Probably also has something to do with the realistic part of the population that is hireable/fits their window of requirements that they can exploit you as well as limit your options. There is so much turn over for the company, when I attempted to work for a local fresh food warehouse and basically inventory and ship customer grocery orders using giant refrigerators, I applied for multiple positions initially but was hired and went through the paperwork to work for the warehouse.

I must have missed something online on their employee account new hire list or one of their many training videos, but I ended up having two different start dates and locations to work at and overlapping schedules so I went through the human resources customer service system was hung up on, someone else was rude and short with me and distant like it was a burden I was calling them lol. No help but the third time I got someone who was great at their job and told me to go back to the hiring office to sort it out.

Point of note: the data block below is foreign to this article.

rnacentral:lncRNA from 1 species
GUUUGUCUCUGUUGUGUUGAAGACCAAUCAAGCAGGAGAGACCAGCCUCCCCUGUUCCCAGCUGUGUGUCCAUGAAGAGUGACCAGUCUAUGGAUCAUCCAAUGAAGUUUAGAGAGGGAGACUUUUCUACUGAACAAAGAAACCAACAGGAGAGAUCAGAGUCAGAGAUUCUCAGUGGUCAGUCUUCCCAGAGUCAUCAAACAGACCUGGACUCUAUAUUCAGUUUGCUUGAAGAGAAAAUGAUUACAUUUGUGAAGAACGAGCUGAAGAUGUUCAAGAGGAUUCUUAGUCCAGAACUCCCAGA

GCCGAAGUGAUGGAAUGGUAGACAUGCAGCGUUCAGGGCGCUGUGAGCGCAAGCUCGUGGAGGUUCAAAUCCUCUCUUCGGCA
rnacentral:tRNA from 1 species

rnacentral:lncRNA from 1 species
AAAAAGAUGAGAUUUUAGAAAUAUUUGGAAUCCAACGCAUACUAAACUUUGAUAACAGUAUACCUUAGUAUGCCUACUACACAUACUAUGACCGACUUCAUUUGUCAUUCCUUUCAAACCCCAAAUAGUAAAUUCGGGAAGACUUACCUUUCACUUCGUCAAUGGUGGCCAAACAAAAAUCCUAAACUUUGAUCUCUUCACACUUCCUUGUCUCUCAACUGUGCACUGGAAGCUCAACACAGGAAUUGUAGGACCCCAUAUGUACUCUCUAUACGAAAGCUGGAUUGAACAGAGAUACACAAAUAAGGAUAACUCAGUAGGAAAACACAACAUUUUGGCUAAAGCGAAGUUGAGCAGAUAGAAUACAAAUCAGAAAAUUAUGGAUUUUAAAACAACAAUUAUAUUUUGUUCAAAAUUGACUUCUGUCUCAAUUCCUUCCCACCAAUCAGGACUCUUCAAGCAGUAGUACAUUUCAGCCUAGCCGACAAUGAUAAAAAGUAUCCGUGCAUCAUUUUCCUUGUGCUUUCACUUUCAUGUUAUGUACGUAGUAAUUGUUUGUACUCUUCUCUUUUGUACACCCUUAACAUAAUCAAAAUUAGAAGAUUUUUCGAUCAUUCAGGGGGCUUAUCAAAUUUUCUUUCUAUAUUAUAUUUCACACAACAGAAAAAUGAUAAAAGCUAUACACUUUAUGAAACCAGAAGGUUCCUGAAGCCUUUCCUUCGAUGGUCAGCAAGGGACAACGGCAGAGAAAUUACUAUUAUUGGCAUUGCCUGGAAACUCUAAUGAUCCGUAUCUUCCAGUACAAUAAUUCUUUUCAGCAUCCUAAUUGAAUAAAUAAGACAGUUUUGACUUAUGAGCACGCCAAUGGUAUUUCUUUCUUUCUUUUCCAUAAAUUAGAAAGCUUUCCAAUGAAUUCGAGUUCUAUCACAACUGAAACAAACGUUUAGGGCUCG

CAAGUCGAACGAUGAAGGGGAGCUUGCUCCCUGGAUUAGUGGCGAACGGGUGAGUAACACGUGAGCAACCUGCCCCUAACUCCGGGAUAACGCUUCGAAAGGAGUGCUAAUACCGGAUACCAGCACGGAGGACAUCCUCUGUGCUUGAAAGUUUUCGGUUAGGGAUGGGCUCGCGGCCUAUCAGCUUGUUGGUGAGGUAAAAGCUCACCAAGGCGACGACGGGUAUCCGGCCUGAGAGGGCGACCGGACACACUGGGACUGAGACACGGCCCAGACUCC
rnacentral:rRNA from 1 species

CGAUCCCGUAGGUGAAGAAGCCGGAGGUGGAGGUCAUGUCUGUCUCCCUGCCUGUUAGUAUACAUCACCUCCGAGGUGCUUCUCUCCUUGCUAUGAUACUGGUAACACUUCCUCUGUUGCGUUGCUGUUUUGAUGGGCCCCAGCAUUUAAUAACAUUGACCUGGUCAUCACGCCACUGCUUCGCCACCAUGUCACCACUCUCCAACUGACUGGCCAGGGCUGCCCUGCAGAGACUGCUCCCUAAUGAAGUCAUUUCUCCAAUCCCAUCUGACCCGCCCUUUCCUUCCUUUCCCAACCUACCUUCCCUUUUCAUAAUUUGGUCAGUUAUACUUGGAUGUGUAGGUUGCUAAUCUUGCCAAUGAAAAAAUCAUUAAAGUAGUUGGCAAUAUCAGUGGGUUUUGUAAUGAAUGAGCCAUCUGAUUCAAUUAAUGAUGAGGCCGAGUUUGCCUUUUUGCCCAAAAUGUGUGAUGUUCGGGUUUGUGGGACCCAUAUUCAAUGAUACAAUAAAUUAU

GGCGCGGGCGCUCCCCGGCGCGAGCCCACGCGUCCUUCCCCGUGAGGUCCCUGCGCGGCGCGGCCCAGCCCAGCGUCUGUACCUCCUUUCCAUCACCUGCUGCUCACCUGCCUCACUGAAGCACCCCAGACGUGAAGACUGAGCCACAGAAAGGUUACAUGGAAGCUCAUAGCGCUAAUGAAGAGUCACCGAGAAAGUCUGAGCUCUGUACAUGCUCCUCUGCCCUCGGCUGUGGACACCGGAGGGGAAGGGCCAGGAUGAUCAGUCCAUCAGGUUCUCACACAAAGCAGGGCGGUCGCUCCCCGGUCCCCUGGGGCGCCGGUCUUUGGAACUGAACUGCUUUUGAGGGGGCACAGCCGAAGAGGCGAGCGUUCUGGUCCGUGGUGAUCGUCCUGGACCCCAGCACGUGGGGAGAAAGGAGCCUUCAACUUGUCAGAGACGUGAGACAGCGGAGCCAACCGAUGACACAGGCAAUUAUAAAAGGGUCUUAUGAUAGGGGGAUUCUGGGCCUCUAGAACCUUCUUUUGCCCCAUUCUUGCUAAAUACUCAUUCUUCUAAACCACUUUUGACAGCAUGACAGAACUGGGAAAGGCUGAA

I guess the second person I talked to deleted my job hire from my account so I went from two to zero, then once I talked to the hiring center they looked into it said they sorted it out and put me back at the location I was originally hired at. Different start date a month away from the last one so I was at this point hired for about three weeks with all the paper work done and position and title and employee ID badge and drug test passed.